Great artists gravitate to great cities to practice their craft and seek fame and fortune. In the 60s, New York was the magnet for Rothko, Jackson Pollock, Andy Warhol, and a whole bevy of other abstract expressionist painters. Earlier, any artist with an interest in film flocked to L.A. After WWI, the most talented writers knew they had to be in Paris or London.
Only occasionally have truly world-class artists chosen to make their homes in small-town America. But when they do, the result can be transformative for both the artist and the town.
Stephen Rolfe Powell, a preeminent international glass artist, chose Danville, Kentucky (population 16,000) for his home and studio, teaching and blowing glass at Centre College for 34 years. When Powell died at the age of 67 on March 16, 2019, he was recognized as one of the best glass artists in the world.
Art critic James Yood of the School of the Art Institute in Chicago had described Powell as “the finest color-field painter in contemporary art.” Powell’s stunning 3’ high glass vessels shimmering with colorful Venetian murrine were displayed in St. Petersburg’s Hermitage, Italy, Japan, New Zealand, and elsewhere around the world. The Smithsonian Museum has recently acquired one of his pieces for its permanent collection.
This fall, Powell’s life and work will be celebrated with a retrospective exhibit titled “The Power of Color,” running August 26-October 29 at the Art Center of the Bluegrass in Danville. The exhibit features pieces from Stephen’s personal collection and is curated by Brook Forrest White, Jr., a protege, former student, and close friend of Stephen’s.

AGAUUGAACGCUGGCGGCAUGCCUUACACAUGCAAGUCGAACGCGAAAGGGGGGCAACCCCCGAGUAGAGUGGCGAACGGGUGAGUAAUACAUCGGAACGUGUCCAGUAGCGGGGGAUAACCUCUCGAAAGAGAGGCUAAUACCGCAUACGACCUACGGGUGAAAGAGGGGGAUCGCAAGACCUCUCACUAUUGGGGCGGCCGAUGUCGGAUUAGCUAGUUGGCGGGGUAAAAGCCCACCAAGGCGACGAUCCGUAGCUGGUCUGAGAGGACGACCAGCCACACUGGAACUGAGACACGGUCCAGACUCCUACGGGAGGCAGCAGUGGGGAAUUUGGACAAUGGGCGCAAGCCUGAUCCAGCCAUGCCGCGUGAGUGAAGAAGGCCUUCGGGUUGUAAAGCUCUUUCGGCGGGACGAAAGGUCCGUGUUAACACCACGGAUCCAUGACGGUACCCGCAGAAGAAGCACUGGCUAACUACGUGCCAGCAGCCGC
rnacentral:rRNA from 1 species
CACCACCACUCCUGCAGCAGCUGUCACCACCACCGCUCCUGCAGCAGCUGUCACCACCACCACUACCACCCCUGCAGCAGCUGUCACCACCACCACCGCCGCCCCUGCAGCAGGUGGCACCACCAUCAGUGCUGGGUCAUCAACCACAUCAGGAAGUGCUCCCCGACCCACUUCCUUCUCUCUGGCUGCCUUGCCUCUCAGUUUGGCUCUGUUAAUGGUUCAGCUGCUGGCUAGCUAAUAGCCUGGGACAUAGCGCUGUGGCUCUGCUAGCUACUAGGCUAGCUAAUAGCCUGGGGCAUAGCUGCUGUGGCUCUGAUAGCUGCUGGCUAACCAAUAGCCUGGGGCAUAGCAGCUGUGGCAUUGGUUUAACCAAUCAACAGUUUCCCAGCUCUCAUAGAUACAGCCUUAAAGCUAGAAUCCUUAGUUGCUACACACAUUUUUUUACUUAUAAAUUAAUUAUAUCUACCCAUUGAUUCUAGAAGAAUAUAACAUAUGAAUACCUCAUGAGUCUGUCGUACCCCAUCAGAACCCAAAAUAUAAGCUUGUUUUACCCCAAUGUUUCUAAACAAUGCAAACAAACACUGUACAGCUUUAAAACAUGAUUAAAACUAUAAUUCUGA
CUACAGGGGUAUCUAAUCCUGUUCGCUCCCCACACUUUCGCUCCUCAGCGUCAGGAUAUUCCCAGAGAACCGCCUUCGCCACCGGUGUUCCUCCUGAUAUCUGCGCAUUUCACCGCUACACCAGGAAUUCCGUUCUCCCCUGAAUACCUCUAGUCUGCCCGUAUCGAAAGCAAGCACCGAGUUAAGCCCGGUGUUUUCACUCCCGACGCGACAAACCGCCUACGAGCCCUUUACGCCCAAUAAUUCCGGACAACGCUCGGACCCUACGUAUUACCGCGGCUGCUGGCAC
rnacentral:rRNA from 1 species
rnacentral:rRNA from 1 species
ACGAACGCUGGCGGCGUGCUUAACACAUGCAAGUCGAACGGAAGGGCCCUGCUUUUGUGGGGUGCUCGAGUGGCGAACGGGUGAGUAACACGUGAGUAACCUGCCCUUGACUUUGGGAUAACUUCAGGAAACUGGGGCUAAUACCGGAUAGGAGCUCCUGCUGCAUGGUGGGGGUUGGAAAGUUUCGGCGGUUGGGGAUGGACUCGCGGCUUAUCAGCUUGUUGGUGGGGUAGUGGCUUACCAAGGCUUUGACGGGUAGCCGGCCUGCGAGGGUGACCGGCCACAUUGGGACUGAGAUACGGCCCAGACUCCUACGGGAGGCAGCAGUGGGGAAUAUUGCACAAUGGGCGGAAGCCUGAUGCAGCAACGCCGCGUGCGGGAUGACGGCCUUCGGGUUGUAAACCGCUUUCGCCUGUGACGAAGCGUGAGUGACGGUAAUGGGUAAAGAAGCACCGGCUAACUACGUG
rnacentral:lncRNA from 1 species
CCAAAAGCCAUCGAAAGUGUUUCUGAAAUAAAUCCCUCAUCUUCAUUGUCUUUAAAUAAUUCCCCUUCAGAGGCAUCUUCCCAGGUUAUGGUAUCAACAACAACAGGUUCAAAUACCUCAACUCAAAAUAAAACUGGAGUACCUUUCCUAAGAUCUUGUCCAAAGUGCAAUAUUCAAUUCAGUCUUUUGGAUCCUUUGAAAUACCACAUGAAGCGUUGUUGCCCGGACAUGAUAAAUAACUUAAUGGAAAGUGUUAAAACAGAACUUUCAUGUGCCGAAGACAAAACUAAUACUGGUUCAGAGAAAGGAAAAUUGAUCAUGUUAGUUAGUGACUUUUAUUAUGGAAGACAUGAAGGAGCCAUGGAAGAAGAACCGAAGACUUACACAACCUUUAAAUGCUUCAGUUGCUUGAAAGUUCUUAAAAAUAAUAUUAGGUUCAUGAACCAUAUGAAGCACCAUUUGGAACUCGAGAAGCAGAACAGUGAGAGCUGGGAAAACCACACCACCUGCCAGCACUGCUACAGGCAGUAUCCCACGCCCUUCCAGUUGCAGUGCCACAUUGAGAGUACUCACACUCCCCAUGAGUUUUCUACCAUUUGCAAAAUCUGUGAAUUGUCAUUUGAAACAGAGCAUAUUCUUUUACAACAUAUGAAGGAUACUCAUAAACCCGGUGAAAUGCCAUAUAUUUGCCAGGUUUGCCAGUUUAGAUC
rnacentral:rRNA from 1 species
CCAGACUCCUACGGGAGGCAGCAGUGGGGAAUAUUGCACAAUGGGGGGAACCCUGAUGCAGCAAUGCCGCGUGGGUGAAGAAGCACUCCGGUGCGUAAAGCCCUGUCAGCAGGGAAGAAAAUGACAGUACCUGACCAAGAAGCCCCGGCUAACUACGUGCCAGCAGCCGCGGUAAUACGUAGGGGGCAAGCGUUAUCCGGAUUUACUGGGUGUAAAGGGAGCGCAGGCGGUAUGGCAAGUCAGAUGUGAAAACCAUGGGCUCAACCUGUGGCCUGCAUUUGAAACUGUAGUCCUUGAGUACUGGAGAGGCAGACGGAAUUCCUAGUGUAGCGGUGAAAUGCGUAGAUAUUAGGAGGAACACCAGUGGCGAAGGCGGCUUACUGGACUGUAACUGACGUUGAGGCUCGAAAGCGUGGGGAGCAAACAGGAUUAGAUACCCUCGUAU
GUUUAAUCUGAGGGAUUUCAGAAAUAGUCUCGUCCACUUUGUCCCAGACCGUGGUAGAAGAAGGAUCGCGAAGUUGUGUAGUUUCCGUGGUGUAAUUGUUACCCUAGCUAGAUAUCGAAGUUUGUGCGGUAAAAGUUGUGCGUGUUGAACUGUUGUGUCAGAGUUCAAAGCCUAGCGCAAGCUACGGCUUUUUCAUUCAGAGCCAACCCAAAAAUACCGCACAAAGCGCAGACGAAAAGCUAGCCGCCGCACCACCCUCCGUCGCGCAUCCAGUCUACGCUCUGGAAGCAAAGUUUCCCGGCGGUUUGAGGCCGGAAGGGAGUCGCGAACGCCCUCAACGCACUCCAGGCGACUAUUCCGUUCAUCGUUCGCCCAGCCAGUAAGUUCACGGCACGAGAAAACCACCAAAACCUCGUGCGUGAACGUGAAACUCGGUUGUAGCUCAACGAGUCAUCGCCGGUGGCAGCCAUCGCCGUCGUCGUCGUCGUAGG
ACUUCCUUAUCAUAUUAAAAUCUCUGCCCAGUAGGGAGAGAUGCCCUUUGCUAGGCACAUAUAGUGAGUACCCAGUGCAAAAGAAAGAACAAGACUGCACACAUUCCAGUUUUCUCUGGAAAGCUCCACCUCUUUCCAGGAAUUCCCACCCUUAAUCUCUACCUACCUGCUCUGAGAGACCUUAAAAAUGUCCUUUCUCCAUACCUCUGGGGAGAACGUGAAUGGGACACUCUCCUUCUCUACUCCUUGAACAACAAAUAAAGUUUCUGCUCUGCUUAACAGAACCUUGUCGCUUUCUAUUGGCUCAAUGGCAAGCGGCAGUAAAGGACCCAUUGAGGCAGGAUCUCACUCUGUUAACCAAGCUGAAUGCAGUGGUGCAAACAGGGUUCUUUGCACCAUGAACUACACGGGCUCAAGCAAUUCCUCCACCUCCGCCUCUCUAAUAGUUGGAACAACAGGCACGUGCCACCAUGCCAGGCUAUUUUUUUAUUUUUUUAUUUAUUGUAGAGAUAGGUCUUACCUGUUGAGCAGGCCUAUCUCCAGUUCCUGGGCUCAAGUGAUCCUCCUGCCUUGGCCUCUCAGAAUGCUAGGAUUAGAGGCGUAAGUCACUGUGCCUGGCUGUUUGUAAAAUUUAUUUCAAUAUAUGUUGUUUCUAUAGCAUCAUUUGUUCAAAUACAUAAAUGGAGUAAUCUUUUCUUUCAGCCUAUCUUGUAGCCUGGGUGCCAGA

The exhibit is timed to coincide with dedication of the “Stephen R. Powell Memorial Garden and Outdoor Classroom” on the Centre College campus, a project which is also being overseen by Brook Forrest White, Jr. The memorial garden will feature a 25-foot-tall sculpture that spectators can walk through, as well as a garden, a walking path, three custom-made artistic benches, and a small amphitheater that will serve as an outdoor classroom.
During his three decades in Danville, Powell’s impact on the community was profound. He founded a hot glass program at Centre College that became a major draw for the institution and the town. His eagerness to share his passion for glass led him to host community events at his studio, inviting the public to enjoy a front-row view of his creativity. That accessibility, coupled with Powell’s tremendous talent, led to strong community support for Powell as an artist, with numerous local collectors taking great pride in the acquisition of his pieces.
In 2003, he helped found a community art center in Danville, an organization which has since grown to become a regional artistic hub as the Art Center of the Bluegrass. With a mission to connect people, art, culture, and creativity, the Art Center plays an important role in increasing arts access in Central Kentucky. The organization hosts rotating exhibits of regional, national, and international artwork, offers a wide range of hands-on classes and workshops, and partners with community entities to bring arts opportunities to the region. The Art Center is also one of three locations in Danville where Powell’s artwork can be seen on permanent public display.
In giving so much to his community, Powell was in turn shaped by the support of his chosen hometown. He was continuously curious about the different perspectives of his close friends at Centre who taught music, anthropology, world religions, philosophy, and literature. His constant interaction with them broadened his own understanding of the world and influenced the evolution of his work.
The retrospective exhibit and memorial garden form a fitting tribute to a unique relationship – a thirty-year love affair between larger-than-life artist and the community that embraced him.
What Retrospective at Art Center of the Bluegrass
Where: 401 West Main Street, Danville, Kentucky
When: August 26–October 29. Tuesday–Friday, 11 a.m.–7 p.m. and Saturday, 10 a.m.–5 p.m.